son to the Establishment. In parting with him this regret infused much cordiality into the words and manner of the worthy Baronet. The student and his rustic friends felt highly flattered by his kindness, and were about to withdraw, when Mr. M'Quirkie called, and was shown in. He came uninvited, and' all too late for breakfast; but this was of no consequence, for the first glance he had of the departing company must have spoiled any appetite he came with. Before he saw who they were, his face was beaming with unusual glee, and his tongue, charged with the tidings of the Non-intrusion clergy, having at length resolved to make what he called the fatal plunge. No sooner, however, did he recognise Mrs. Renshaw and her nephew, and perceive the cordiality with which they were treated by the great man whose favor he had tried by every despicable trick to monopolise, than his countenance fell, his words died away unuttered, and he made as abrupt and unceremonious a retreat as on some former occassions already described. All this passed so rapidly that there was no time to recall him had it been thought proper; and it was not. Sir John looked at his guests and smiled, but was too well bred to say a word on the subject; Mrs. Renshaw and Stiffriggs enjoyed the scene immensely, but reserved their remarks till they could speak under less restraint than in the presence of their landlord.
CHAPTER XXXVI. As we drifted on our path. There was silence deep as death, And the boldest held their breath For a time.
CAMPBELL* At an early hour on Thursday the xßth of May, 1843, the portion of St, Andrew’s Church appropriated to the public during the sitting of the Assembly, was crowded with people anxious to witness the last scene of of the Non-intrusion drama, Among these were Stifiriggs and Mrs. Renshaw. Hour after hour they sat in patient expectation of the great event about to transpire—Stiffriggs with an expression of stern satisfaction on his countenance, but taciturn and meditative, and his companion eager to see all that was to be seen, but more outspoken that! judicious in her remarks. By-and-bye their landlord, Sir John. Baldwin, entered, and took a seat beside them. He expressed his surprise to find Stiffriggs there, saying— ‘ I thought, Ringan, you who are so bent on leaving the Establishment would have taken your place in Tanfield Hall among your friends who are mustering there to welcome the seceders from the Assembly.’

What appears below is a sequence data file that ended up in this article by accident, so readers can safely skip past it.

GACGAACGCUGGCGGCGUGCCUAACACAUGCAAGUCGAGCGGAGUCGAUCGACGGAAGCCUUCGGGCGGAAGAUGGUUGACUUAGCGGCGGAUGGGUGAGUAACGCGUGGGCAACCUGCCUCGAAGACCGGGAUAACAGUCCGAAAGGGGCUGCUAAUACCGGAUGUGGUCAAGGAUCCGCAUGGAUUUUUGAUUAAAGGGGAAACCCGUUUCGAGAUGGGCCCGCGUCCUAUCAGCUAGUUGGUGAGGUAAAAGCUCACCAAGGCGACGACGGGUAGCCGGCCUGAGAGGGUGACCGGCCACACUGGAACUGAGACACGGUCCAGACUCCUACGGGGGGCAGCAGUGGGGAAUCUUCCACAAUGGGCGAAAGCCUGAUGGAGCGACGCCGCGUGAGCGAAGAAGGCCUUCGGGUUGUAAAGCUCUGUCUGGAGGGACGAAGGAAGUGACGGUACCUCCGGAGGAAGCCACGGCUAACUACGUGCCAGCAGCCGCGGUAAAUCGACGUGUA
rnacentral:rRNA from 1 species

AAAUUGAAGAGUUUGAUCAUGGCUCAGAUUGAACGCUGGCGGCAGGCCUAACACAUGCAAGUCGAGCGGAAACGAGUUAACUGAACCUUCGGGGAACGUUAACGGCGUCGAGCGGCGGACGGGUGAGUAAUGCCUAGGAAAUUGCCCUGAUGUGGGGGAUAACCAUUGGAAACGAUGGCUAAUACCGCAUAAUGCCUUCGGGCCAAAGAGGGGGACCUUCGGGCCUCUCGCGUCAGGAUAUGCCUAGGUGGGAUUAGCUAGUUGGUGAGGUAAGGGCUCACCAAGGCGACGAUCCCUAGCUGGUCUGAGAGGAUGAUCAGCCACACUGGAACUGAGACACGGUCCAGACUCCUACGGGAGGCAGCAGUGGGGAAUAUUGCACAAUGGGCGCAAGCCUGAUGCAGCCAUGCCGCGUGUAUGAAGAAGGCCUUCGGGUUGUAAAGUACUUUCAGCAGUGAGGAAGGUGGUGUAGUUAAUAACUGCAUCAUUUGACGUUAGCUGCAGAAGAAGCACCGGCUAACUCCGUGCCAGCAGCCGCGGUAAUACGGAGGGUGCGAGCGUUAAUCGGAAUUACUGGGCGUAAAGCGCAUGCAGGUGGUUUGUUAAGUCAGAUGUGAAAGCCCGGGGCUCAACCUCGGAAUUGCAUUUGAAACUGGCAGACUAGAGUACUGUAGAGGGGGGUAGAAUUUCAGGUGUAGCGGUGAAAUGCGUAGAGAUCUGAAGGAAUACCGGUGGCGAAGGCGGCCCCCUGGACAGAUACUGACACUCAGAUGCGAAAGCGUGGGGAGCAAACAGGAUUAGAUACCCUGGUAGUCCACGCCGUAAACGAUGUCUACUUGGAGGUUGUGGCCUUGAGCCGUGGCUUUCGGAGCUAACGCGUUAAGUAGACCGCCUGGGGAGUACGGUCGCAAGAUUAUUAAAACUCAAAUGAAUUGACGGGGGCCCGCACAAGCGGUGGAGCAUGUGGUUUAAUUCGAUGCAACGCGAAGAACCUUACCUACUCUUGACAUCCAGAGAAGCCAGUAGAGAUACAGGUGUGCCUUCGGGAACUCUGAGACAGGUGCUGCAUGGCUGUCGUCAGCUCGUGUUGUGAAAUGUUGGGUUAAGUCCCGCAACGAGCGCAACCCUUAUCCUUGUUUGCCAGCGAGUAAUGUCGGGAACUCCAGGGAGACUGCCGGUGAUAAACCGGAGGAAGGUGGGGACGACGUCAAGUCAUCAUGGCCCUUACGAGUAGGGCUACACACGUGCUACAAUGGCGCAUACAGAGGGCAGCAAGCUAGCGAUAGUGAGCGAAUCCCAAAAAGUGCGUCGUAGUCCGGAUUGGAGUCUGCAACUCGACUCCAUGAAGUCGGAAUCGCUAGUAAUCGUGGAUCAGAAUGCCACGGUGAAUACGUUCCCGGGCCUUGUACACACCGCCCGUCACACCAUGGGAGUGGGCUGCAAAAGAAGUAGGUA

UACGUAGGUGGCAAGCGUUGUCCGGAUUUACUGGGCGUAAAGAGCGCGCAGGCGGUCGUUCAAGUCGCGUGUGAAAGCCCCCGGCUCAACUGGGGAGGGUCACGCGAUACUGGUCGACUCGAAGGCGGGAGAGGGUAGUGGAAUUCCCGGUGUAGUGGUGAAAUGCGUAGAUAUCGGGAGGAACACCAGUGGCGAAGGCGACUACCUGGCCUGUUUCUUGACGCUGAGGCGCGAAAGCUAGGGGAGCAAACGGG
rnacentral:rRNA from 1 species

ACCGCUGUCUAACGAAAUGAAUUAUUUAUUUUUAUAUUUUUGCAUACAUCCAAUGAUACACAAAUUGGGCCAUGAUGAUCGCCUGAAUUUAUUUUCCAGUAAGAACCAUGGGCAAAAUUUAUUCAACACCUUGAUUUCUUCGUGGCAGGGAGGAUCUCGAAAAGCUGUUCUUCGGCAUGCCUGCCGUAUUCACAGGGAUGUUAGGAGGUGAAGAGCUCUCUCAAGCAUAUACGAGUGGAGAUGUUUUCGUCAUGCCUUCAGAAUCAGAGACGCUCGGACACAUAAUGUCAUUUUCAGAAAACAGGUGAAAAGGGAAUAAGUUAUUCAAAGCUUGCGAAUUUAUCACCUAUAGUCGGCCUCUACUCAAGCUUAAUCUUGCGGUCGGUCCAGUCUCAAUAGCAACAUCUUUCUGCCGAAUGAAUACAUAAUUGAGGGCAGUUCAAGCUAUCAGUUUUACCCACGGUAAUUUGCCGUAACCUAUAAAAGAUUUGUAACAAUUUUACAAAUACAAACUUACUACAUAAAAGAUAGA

‘ j doot na, Laird,’ replied the fanner, ‘ there’ll be plenty there withoot me, and 1 want to see the game played oot, since it’s near the last shot at ony rate. To be present here this day—and on the fight side , Sir John —I consider just next best to the honor of having signed the Solemn League and Covenant Langsyne.’ ‘ Oh, you wish to have it to say to your children, and your children’s children, that you were here on this occasion.’
‘ To be sure Laird, and it’ll be something worth bragging o’.’ ‘ Your children, Ringan !’ said Mrs. Renshaw, with an arch expression, ‘ whaur ha’e ye bairns ? or whan will ye ha’e ony, I wonder ?’ ; ‘ Ay, Mrs. Renshaw,’ rejoined Sir John, ‘ Let him tell us that. He is neither providing a family to harken to his long-winded stories about the Church of Scotland, nor to succeed him in Stiffrigg Mains.’ ‘Ye may as weel gi’e our freen here through the whins,’ answered Ringan, ‘ for providing naebody to succeed her in Whinnyside ?’ ‘ I don’t know, Mr. Stimperton,’ replied the Laird, ‘ but it is you who are to blame in both cases. Is that not true, Mrs. Renshaw ?’ ‘ Whisht, whisht! Laird; whisht, whisht !’ said the lady, looking down and affecting to feel ashamed; but, at the same time, enjoying with infinite relish the great man’s jocularity.
(To be continued —cojnmeneed on July 56. )
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Ashburton Guardian, Ashburton Guardian, Volume 2, Issue 175, 25 October 1880
THE CHIMNEY CORNER. Ashburton Guardian, Volume 2, Issue 175, 25 October 1880